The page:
Fifty years ago, Monmouth Reform Temple was founded to create a community that embraced the ideals of Reform Judaism: a house of learning, a house of worship, a house of assembly, and a membership with a strong commitment to tikun olam.
There was definitely a touch of irony as temple life began, recalled some of the founding members; from September 1959 until March 1967, the home of the temple, now located in Tinton Falls, was the Presbyterian Church at Shrewsbury.
Now, as the temple prepares to celebrate its 50th anniversary with a series of special events during October and November, congregants and clergy are taking a trip down memory lane. It’s a journey that has encompassed a few historic events along the way, including the 25-year tenure of Rabbi Sally J. Priesand, the country’s first female rabbi.
Priesand retired in June 2006 and continues to serve as MRT’s rabbi emerita; the temple’s current religious leader is Rabbi Jonathan Roos, who succeeded Priesand.
The congregation had its genesis during the late 1950s. At the time, the nearest Reform synagogue, Temple Beth Miriam, was in Elberon.
On March 20, 1959, 22 families met in a Rumson home to form the steering committee for the new congregation. By April 30, the Monmouth Reform Temple, with 32 member families, secured its seal and charter from the Union of American Hebrew Congregations (now the Union for Reform Judaism).
The first religious service was held at the Women’s Club in Red Bank.
“It was on Friday, April 17, 1959, with Rabbi Herbert Brichto, dean of the UAHC as guest rabbi,” recalled Barbara Goldstein of Tinton Falls, who, along with her husband, Albert, was among the temple’s founding members (both also serve on the anniversary committee).
That May, the church offered MRT the use of its sanctuary and school building for services and classes. UAHC loaned the new temple a portable ark and Torah scroll. Sabbath services began under the leadership Rabbi Henry Bamberger, then a student rabbi at UAHC in New York.
“For the next seven years, we converted the church hall to a synagogue each Friday,” said Albert Goldstein, who served as building committee chair and is a former temple president. “We removed the Christological symbols and installed Judaic ones, and reversed the process when we left for the evening.”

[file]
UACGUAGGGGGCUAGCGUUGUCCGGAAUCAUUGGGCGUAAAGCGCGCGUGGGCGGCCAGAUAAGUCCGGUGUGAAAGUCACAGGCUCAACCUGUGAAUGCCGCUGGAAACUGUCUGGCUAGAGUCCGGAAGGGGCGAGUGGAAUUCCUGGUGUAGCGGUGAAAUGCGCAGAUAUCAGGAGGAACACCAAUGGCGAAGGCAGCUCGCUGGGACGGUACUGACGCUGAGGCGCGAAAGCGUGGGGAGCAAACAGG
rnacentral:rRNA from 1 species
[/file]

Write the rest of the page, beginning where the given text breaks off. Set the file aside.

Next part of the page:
The friendship between the two houses of worship endures. A joint Thanksgiving service alternates between the temple and the church each year, and a plaque in the MRT lobby pays homage to the church’s generosity during the temple’s formative years.
In 1964, as temple membership continued to grow, fund-raising began for a permanent home. The temple purchased a vacant 10-acre tract for about $3,000 per acre on Hance Avenue in New Shrewsbury (now Tinton Falls), and on May 29, 1966, a ground-breaking ceremony took place.
The first Shabbat service in the new building was held in late 1966 — in a cold, damp, unfinished classroom. The completed sanctuary was dedicated in April 1967, and by the late 1960s, under the religious leadership of Rabbi Richard Steinbrink, MRT’s membership stood at more than 160 families.
The congregation now consists of 330 member families, approximately 40 percent of them interfaith.
“This anniversary celebration reflects how the temple continues to be a strong force in the community for Jewish worship, social action, and comfort,” said congregation president Mark Gruensfelder of Tinton Falls. “It reflects the hard work of the founders and the temple’s ongoing commitment to the ideals of Judaism.”
He and his wife, Beverly, who is a religious school teacher at MRT, and their two sons have been members since 1992.
“It’s a fulfilling experience for all of us,” Gruensfelder said. “There is a sense of family and continuity here, and everyone seems to feel it. It’s genuine.”
In addition to Bamberger, Steinbrink, Priesand, and Roos, Rabbis Edward Ellenbogen (deceased), Harry Sherer, and Alton Winters also served as religious leaders at MRT. Several are expected to attend a 50th anniversary Shabbat and oneg on Friday, Oct. 23, at 7:45 p.m. A video montage is being prepared by temple member Lisa Calderwood, the anniversary committee has compiled a memory book, and students are contributing memories and mementos to a time capsule.
An informal social gathering at the temple on Saturday, Nov. 21, will close out the 2009 anniversary celebration with music, refreshments, and recollections of how a small group of Reform Jewish families built a temple that has continued to thrive for 50 years.